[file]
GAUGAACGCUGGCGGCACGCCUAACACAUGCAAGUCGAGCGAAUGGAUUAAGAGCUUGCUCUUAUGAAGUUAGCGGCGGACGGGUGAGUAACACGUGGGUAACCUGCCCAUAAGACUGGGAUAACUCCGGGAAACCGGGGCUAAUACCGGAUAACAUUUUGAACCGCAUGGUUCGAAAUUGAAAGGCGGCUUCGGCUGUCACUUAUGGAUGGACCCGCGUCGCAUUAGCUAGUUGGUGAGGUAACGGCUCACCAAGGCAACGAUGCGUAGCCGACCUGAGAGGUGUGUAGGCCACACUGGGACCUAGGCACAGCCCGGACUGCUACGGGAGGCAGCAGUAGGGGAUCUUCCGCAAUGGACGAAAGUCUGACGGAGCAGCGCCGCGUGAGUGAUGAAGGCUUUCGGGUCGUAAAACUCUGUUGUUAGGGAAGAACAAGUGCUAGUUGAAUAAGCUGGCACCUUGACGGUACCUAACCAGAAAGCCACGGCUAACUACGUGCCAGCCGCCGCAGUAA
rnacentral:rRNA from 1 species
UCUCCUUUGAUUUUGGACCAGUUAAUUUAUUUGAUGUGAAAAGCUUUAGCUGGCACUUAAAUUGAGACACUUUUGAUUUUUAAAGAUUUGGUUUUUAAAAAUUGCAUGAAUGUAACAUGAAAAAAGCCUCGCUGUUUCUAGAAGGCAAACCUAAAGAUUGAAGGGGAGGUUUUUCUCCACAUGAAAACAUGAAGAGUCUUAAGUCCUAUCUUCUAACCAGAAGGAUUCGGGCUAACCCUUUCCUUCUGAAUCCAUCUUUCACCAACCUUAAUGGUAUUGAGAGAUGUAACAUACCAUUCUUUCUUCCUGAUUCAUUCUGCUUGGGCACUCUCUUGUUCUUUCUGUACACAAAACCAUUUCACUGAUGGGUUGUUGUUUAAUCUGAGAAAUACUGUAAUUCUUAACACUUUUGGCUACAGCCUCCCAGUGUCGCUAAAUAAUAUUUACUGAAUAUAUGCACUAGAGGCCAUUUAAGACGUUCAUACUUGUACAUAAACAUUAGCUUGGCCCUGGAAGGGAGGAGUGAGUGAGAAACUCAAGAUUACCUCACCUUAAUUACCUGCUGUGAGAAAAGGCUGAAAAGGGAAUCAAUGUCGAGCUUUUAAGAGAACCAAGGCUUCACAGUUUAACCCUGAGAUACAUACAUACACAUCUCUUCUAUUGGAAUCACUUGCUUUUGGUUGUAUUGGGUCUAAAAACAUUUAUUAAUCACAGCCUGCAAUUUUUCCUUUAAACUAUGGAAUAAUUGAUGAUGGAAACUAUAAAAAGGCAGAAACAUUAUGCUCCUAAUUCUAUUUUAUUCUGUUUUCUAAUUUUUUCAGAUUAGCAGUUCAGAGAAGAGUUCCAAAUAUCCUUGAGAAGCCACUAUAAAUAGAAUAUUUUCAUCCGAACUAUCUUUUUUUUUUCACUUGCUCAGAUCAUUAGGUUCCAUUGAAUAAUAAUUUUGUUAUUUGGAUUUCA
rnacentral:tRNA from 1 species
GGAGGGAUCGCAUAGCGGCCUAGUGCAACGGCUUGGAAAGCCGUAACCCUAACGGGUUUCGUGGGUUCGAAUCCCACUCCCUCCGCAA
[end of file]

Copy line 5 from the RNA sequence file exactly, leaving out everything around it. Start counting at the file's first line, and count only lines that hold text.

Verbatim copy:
GGAGGGAUCGCAUAGCGGCCUAGUGCAACGGCUUGGAAAGCCGUAACCCUAACGGGUUUCGUGGGUUCGAAUCCCACUCCCUCCGCAA